At Dallington C of E Primary School we believe that a high quality English curriculum should develop children’s love of reading, writing and discussion. By the end of their time at Dallington all children will have an appreciation and love for a wide range of texts. They will have all had the opportunity to hear stories, plays, poems and non-fiction pieces. All children, regardless of their learning needs, will be able to talk about stories and books they have enjoyed and be able to record and communicate (either orally or in written form) their own narratives as well as relay factual information in an informative way.
We recognise the importance of nurturing a culture where children take pride in their writing; can write clearly and accurately and adapt their language and style for a range of contexts. We strive to develop language rich classrooms with vocabulary at their heart. We want to inspire children to be confident in the art of speaking and listening and who can use discussion to communicate and further their learning, not just in English but across the curriculum.
We recognise the importance that a successful English curriculum has on all aspects of the curriculum. We believe that a secure foundation in literacy skills will enable a natural progression as children advance through the primary curriculum and beyond.
The Write stuff Approach
As a school, we have adopted the Write Stuff Approach. This not only give us a clear and structured overview of skills and coverage across the English curriculum but also provides a highly motivating, pacey and well taught combination of writing, grammar and vocabulary. The improvements in children’s word choices and sentence structures since beginning this programme have been excellent and as we continue to gain experience and knowledge amongst both the staff and children, we are seeing increasing improvements in our writing.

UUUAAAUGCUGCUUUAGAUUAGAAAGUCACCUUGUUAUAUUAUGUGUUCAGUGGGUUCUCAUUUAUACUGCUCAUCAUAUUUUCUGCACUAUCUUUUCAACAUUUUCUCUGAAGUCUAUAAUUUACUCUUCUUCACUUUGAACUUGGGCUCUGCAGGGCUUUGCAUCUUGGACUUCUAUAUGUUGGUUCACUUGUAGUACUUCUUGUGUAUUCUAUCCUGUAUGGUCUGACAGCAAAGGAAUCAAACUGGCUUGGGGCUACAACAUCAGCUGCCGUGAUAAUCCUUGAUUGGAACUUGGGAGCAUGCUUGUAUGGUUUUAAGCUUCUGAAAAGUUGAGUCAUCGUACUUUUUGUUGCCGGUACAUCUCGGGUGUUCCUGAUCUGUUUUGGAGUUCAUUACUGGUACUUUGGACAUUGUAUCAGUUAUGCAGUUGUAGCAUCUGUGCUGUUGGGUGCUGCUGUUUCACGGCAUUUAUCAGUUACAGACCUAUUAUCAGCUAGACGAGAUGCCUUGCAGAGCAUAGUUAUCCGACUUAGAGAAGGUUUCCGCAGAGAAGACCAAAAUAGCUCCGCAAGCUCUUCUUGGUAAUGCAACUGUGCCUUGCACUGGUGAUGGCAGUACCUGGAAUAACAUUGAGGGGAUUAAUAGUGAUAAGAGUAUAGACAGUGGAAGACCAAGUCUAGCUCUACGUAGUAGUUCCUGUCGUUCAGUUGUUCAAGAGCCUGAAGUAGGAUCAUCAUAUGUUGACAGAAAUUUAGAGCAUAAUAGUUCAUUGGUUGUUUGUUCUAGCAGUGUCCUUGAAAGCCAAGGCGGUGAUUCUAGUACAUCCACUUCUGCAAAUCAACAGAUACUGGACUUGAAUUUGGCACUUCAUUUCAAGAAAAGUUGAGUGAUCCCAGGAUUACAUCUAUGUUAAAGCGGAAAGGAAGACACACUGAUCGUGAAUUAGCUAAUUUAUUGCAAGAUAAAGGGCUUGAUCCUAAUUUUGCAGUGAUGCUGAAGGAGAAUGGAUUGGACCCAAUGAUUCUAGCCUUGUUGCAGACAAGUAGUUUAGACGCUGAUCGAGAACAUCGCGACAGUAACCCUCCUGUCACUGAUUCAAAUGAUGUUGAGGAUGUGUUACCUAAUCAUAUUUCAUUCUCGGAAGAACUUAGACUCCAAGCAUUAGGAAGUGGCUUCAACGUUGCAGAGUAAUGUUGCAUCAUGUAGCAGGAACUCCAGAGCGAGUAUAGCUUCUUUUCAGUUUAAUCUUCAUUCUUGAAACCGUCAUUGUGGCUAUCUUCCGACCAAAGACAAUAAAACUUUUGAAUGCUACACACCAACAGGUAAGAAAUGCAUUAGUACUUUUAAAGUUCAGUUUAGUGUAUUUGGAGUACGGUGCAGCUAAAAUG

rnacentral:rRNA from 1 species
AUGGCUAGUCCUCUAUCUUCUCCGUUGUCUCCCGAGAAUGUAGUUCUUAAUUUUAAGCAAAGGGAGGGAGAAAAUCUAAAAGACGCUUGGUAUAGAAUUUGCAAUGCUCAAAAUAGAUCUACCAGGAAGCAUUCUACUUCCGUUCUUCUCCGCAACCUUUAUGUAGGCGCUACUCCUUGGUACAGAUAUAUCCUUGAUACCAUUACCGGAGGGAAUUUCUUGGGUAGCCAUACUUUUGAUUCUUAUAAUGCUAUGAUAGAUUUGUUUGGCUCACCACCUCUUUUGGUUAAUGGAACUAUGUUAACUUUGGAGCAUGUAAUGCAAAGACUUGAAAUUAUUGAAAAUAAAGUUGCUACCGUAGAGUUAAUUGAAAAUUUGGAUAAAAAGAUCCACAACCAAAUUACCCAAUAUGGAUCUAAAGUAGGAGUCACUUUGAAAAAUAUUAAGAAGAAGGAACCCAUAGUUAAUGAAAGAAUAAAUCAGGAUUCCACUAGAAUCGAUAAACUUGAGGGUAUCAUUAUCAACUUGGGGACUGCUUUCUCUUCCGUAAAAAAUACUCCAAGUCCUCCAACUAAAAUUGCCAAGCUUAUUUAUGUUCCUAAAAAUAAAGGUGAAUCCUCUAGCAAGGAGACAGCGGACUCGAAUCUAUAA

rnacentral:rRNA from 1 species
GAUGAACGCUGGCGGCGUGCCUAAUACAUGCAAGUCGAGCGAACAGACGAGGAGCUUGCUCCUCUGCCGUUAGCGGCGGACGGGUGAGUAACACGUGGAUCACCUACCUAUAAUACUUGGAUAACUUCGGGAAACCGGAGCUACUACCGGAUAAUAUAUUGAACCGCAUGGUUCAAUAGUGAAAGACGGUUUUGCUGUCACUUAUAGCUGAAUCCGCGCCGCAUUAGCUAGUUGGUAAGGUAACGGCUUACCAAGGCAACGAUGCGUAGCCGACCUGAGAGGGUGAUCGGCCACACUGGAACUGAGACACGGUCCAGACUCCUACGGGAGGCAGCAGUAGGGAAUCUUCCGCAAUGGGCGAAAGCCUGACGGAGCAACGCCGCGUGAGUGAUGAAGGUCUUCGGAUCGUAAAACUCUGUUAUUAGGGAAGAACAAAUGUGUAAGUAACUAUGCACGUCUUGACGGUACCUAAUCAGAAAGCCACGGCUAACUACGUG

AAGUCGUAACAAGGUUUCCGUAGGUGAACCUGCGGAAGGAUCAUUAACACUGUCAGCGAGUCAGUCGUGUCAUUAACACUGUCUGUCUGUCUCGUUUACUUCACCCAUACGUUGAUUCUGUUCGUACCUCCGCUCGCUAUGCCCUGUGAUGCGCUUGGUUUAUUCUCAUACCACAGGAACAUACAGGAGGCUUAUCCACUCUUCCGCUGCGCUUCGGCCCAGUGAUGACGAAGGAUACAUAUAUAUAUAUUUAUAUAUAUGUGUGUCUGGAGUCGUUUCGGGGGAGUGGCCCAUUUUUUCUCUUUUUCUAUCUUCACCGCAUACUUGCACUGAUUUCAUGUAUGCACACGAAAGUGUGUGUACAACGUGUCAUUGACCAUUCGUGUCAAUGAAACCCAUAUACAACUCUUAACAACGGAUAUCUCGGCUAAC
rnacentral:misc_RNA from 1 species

Reading is at the heart of our curriculum. We have an excellent library facility in school, which the older children help to maintain and manage. All English work is linked to high quality texts and children are encouraged to read daily. All reading is respected and encouraged and we offer children a range of text types, including magazines, newspapers, non – fiction, classical and modern children’s literature. We raise the profile of reading to ensure we share the importance of reading with our parents, carers and wider community.
Each week the children are taught reading skills to help them not only decode the texts that they encounter but also to understand and appreciate them. These sessions also involve lots of opportunity to develop discussion and opinion around books and help to improve children’s speaking and listening skills as well.
Phonics and Spelling
As a school we use Bug Club to plan and teach a systematic phonics scheme for EYFS and KS1, and Jane Considine’s – Spelling book for Year 2 (after phonic chapters have been completed) to Year 6, providing organised progression through the phonic chapters and Spelling objectives, outlined in the National Curriculum
Language Acquisition & Vocabulary Development